Perhaps that’s naive optimism on my part.  No matter what happens with the human element of the Church, we must always be certain that so long as we remain faithful and do our utmost, our particular destiny in assured.  The victory has already been one. We simply have to avail ourselves of its fruits.

Comments

1. David - October 26, 2015

I hope this sounds original: as I followed the Synod it reminded me of the recall election that Demonrats in Wisconsin tried against Governor Scott Walker. The end result – a waste of time and money.

However, I am glad that the Polish congregation of bishops and others such as Arinze, Erdo, Burke prevailed to uphold Church teaching. I will have to see Edward Pentin’s commentary, as well as Fr. Murray’s.

A good quote – what happened to “universal?”

2. Xopher - October 26, 2015

It seems that this sort of thing has been a long time coming–perhaps a grand “plan” of sorts. I have observed that catechesis, even in “devout” parishes is greatly lacking.

In an astounding coincidence, I have recently obtained a new coworker who is quite “devoutly” Catholic, and has a very, even more “devoted Catholic” girlfriend, who is going through a nasty divorce with the Catholic woman he married(?) years ago. He is very passionately devoted to the mercy of Christ and relies on his Catholicness as an emotional support to get through stressful days. He is also very excited to be working with me, and that we have this special brotherly bond of Catholicism.

I feel sorry for this man, and I am trying to carefully witness to the traditional (real) doctrines of the Church, but I do not feel confident that I know how to properly walk the line between bringing him to the truth as expediently as possible without offending him and scaring him off. So, Deus in adiutorium meum intende…

The point I’m trying to make is that I know he is but one of many Catholics who believe this is a perfectly normal and acceptable way to live as a Catholic, and whose fault is that? And, what can we do about it?

3. Kitty Murray - October 26, 2015

I love your assessment of the synod. I would have liked to view videos of John Vennari, Chris Ferrara, & Michael Matt, but all I got was a picture – no video. Help!

Kitty Murray - October 26, 2015

When I viewed your article on your website, I was able to view the videos. Thanks for featuring their opinions.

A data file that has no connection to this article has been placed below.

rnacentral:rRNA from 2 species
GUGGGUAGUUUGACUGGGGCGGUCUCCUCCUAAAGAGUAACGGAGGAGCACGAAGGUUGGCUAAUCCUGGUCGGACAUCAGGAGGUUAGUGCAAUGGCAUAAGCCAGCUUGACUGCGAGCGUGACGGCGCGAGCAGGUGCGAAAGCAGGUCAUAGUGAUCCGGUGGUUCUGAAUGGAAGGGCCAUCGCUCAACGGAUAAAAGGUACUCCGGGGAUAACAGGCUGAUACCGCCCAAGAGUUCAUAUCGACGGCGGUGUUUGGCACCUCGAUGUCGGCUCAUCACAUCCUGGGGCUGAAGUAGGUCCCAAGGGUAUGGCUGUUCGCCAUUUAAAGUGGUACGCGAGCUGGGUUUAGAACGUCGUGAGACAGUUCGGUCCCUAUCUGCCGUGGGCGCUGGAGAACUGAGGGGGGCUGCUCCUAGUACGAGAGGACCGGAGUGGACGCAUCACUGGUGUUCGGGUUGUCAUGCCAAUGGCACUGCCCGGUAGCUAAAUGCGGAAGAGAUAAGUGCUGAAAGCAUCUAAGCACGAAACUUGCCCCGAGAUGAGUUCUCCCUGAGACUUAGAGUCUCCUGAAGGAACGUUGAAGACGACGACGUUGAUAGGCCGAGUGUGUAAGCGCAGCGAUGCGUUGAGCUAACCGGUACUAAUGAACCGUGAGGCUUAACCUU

4. LaGallina - October 26, 2015

This is the best post-synod blog post I have read, I am glad you reminded everyone that this type of synod is a novelty! The Catholic Church is not a democracy, but very few bloggers/reporters etc. seem to remember that!! I can’t stand hearing how the “conservatives” had this many votes and the “liberals” had that many votes. This is not Washington D.C.

Now that the synod was such a “success” for “conservatives” we can expect a continued erosion of the faith and no strong leadership to draw souls back to the one true Faith and to the true Mass. Basically a continuation of the disaster that has been under way since Varican II.

The whole synod was a heart-breaking, stomach-turning disaster which will only serve to further weaken the Church and SADLY send souls to hell.

5. richardmalcolm1564 - October 26, 2015

“…you cannot assume a Christian understanding of marriage even among Catholics.”

Apparently, you can no longer assume it even among bishops.

DJR - October 26, 2015

“…you cannot assume a Christian understanding of marriage even among Catholics.”

“Apparently, you can no longer assume it even among bishops.”

***

Or even popes, apparently.

6. Marguerite - October 27, 2015

Divorced and remarried Catholics should consult their consciences%#%@? Isn’t this an oxymoron? If you are living in sin, your conscience slowly dies. How do you consult a dead entity (your soul) in order to do the right thing? If you have a tumor do you pull it out yourself or go to a competent physician? The nonsense spewed by these prelates make me think they want to be on the Jimmy Fallon show. It’s pure heresy, i.e.private judgment. Most Catholics aren’t even sure what the Trinity is, let alone knowing the right thing to do in an immoral situation. The hierarchy can’t be serious.

7. Frank - October 27, 2015

It doesn’t matter whether this Synod is a “Council” or “Encyclical”; it is sowing the seeds of dissent and further irreverence towards the Body and Blood of Christ. They couldn’t use a council or encyclical but they still are causing damage to the sheep.

8. c matt - October 27, 2015

Ferrara, Rao. Matt and Vennari. I tell you, without these guys I don’t know what I’d do. They provide a fantastic litmus test – anyone who disparages them is immediately suspect in my book.

This whole thing reminds me of one of my favorite scenes from “Force Ten from Navarone.” SPOILERS

Just when the heroes are expecting a huge explosion of the dam they are sent to destroy, the charges designed by the engineer go off and nothing apparently happens. After a few minutes of cursing the engineer for failing at his job while he calmly smokes his pipe, the dam starts making creaking noises, then cracking and splintering. As he explains, all he had to do was create a few cracks to weaken the structure, then let physics do the rest.

We just witnessed a few cracks.